Leadership: USAF Ordered to Step Up and Man Up

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March 23,2008: A year ago, the U.S. Army was only getting about a third of its requests for Predator missions filled. The surge campaign was under way, and the new Secretary of Defense got involved with the growing number of complaints from army officers about the Predator shortage. The air force had about a hundred Predators, but only a dozen were in Iraq. Questions were asked.

The air force said it did not have enough Predators, and that there was also a shortage of Predator operators. A typical Predator crew consists of an pilot and a sensor operator. Because the Predator stays in the air for so long, more than one crew is often used for each sortie. Crew shortages sometimes result in Predators coming down before their fuel is used up. The air force insists that existing pilots (of manned aircraft) be trained as Predator operators. The army uses NCOs trained specifically for UAV operation. The army has no operator shortage.

Ever since World War II, there's been a controversy over whether all pilots (most of whom are highly trained warriors, not leaders, which is what officers are supposed to be) must be officers. At the start of World War II, the army air force (there was no separate air force yet) had enlisted pilots, as did the navy. These men were NCOs ("flying sergeants") selected for their flying potential and trained to be pilots. Not leaders of pilots, but professional pilots of fighters, bombers and whatnot. Officers trained as pilots would also fly, but in addition they would provide the leadership for the sergeant pilots in the air and on the ground. As the Army Air Corps changed into the mighty Army Air Force (with 2.4 million personnel, and 80,000 aircraft, at its peak), its capable and persuasive commander (General Hap Arnold), insisted that all pilots be officers. Actually, he wanted them all to be college graduates as well, until it was pointed out that the pool of college graduates was too small to provide the 200,000 pilots the Army Air Force eventually trained. But Arnold forced the issue on only officers being pilots, and the navy had to go along to remain competitive in recruiting.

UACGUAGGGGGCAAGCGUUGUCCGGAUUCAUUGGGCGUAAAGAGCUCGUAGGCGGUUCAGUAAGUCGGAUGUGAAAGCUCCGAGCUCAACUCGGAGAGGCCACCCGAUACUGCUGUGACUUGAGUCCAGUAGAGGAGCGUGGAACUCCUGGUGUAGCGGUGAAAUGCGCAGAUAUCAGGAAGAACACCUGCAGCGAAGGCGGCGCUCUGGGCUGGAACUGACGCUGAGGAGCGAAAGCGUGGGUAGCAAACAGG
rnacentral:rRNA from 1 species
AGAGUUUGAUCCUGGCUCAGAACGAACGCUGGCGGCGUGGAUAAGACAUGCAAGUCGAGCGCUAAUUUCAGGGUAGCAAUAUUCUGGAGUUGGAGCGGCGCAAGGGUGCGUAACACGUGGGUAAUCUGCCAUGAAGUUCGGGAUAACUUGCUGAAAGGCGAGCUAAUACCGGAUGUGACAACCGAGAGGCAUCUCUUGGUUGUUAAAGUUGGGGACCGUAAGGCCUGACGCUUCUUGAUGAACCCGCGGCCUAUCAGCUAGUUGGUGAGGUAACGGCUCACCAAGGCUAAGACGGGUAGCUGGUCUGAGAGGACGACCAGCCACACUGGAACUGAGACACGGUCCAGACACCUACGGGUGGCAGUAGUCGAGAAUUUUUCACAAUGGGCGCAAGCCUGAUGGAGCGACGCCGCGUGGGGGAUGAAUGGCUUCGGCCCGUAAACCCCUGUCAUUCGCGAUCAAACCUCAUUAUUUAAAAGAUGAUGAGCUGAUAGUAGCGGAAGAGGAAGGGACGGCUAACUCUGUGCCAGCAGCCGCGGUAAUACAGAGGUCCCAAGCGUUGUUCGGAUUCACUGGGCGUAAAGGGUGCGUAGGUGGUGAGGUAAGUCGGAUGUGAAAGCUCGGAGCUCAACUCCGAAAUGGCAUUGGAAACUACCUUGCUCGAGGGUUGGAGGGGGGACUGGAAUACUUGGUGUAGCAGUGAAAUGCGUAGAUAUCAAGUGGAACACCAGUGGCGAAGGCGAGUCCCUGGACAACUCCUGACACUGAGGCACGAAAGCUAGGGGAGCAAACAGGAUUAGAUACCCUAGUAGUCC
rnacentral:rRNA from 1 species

Because of Iraq and Afghanistan, the army has also increased UAV operator training, and actually has far more UAVs than the air force. But most of the army UAVs are micro (under ten pounds) models, used by combat units (companies and battalion size units). These UAVs are designed to be very simple to use, requiring little formal training. Brigades and divisions use larger, but smaller than Predator, models. Most army UAV operators are not, like air force ones, pilots.

The Secretary of Defense ordered the air force to get more Predators to Iraq, and there are about two dozen there now. To deal with the UAV operator shortage, the air force has been recalling Predator pilots who have returned to their regular flying jobs. Until recently, being a Predator operator was a temporary (three year) assignment. Now, the air force is making it a career option, but it will take several years before they have enough career UAV pilots. The army complains that the air force is not operating like there's a war on, while the army is. While the air force complains that their UAV operators are working twelve hour shifts, six days a week, the army points out that the Predator operators are stationed in the U.S. (and control the UAVs via a satellite link). Air force personnel in Iraq (ground crews for the Predators) serve six month tours. Meanwhile, soldiers serve 15 month tours in Iraq, work 12 hour shifts, and get shot at a lot.

The army is buying a smaller version of the Predator (the Warrior) [PHOTO] and will be using NCOs and warrant officers as operators. The army is taking advantage of the fact that a UAV operator can become proficient practicing with the kind of flight simulator software you can buy in a game store. The air force does not agree with this approach, and fears unfavorable comparisons to their more complex and expensive approach to obtaining UAV operators. A lot of the bad blood between the army and air force comes down to how each service understands wars, and how they are fought. The air force has always been into new technologies, and new ways of fighting wars. The army is more about getting down and dirty and just getting the job done. The Secretary of Defense is siding with the army, and is telling the air force to get off their butts and get more Predators into the air, or else.

 


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